Colorectal cancer has provided an important model to test the stem cell hypothesis of cancer origin, which implies that cancer arises as a result of genetic aberrations in stem cells leading to deregulation of the proliferation/differentiation balance. We and others have demonstrated that, similarly to other solid tumors, colon carcinogenesis and progression are dictated by highly apoptosis-resistant stem-like cells. Our data have suggested that protection from apoptosis is achieved by autocrine production of interleukin-4 (IL-4) through up-regulation of anti-apoptotic mediators. In this study, we extend our analysis to another apoptosis inhibitor widely expressed in tumors, namely survivin (also known as BIRC-5, baculoviral IAP repeat-containing protein 5). We show that this protein, with important roles in cell death counteraction and mitotic progression control, is regulated by the IL-4 pathway in colon rectal cancer stem cells (CR-CSC). Hence, the presence of IL-4 increases survivin levels in our model while cytokine neutralization has opposing effects. Treatment with cytokine neutralizing agent or with leflunomide, Stat6 inhibitor, have similar consequences on survivin localization, increasing its nuclear pool, an observation known to be correlated with a good prognosis in colon cancer patients. These results demonstrate that IL-4, through activation of the STAT-6 signaling pathway, is involved in survivin expression levels as well as its localization. These findings shed more light on the molecular mechanisms involved in IL-4-mediated chemoresistance.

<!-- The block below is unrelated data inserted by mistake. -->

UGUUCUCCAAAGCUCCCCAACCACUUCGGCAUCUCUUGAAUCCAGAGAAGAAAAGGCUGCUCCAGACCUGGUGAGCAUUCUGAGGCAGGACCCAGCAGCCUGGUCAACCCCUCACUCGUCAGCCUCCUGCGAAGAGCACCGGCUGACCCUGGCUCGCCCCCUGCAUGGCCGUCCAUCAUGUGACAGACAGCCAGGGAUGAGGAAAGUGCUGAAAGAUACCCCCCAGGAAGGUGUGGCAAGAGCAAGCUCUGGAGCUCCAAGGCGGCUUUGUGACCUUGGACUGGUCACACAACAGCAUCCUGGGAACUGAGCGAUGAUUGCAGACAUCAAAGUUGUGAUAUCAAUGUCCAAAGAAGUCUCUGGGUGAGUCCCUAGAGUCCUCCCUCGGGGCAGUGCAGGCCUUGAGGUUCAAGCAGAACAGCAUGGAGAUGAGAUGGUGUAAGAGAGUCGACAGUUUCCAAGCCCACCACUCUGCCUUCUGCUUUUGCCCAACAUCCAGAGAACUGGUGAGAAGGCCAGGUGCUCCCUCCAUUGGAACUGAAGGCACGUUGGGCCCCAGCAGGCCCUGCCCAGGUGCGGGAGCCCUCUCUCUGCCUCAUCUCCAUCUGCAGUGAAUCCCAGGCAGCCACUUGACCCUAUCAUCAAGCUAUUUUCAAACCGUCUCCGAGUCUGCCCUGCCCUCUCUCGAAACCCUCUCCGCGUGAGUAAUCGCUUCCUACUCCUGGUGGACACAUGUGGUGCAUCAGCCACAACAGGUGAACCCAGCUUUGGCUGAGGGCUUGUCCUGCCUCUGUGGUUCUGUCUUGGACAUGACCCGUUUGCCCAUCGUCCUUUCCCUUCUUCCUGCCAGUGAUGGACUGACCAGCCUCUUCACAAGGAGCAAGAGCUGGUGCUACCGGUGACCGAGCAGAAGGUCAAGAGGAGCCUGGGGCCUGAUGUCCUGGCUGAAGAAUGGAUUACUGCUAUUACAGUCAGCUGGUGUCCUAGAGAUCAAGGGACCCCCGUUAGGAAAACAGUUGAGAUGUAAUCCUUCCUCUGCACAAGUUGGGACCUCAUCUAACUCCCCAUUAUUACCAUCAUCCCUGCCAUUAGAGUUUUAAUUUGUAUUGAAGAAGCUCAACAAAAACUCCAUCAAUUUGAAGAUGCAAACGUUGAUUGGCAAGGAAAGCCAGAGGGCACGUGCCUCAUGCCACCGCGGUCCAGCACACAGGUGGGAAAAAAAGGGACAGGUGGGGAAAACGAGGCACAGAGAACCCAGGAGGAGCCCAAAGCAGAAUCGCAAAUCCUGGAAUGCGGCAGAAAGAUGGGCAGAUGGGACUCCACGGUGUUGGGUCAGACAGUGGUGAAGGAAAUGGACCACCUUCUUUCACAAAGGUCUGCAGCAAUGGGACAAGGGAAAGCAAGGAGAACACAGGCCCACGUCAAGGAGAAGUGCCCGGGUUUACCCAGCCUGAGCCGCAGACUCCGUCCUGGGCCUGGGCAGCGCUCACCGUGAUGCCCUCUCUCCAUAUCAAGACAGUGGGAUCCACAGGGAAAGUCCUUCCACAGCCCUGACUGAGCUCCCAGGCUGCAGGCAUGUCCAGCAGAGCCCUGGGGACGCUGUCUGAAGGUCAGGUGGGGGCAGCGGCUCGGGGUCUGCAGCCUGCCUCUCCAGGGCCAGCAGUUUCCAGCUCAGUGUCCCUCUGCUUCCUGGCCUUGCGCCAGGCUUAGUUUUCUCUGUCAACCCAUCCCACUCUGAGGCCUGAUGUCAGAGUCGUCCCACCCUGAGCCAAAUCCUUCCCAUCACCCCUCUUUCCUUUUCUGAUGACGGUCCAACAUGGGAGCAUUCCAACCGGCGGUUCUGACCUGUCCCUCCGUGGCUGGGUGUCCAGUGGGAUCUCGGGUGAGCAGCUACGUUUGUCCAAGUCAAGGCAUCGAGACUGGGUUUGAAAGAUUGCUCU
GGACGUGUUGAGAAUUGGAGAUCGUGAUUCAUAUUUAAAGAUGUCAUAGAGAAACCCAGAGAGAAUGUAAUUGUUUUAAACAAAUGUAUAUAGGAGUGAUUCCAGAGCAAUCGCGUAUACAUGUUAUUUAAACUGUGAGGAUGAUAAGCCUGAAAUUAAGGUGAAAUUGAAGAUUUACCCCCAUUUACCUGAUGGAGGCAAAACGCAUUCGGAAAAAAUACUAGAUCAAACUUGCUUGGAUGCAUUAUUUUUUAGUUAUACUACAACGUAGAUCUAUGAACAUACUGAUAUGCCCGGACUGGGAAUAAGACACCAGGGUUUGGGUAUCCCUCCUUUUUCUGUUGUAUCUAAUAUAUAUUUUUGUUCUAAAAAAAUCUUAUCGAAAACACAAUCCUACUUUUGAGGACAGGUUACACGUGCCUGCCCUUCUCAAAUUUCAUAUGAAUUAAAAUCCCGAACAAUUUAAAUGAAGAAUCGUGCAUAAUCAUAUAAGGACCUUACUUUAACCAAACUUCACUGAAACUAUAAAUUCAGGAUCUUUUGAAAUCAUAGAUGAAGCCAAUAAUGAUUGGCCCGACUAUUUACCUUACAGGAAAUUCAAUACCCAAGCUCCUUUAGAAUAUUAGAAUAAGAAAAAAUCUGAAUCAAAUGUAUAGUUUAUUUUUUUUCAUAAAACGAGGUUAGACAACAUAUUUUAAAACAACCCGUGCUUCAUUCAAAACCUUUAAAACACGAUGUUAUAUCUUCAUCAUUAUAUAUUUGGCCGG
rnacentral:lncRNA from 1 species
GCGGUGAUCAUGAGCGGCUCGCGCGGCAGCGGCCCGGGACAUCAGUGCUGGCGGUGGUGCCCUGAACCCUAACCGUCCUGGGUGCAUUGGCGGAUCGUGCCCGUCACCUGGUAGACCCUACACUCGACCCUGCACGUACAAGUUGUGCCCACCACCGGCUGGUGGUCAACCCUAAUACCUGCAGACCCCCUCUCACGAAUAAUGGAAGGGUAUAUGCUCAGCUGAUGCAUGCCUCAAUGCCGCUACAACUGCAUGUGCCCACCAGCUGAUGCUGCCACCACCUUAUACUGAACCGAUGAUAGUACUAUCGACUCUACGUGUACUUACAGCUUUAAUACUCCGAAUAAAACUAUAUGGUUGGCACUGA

(c) 2010 Wiley-Liss, Inc.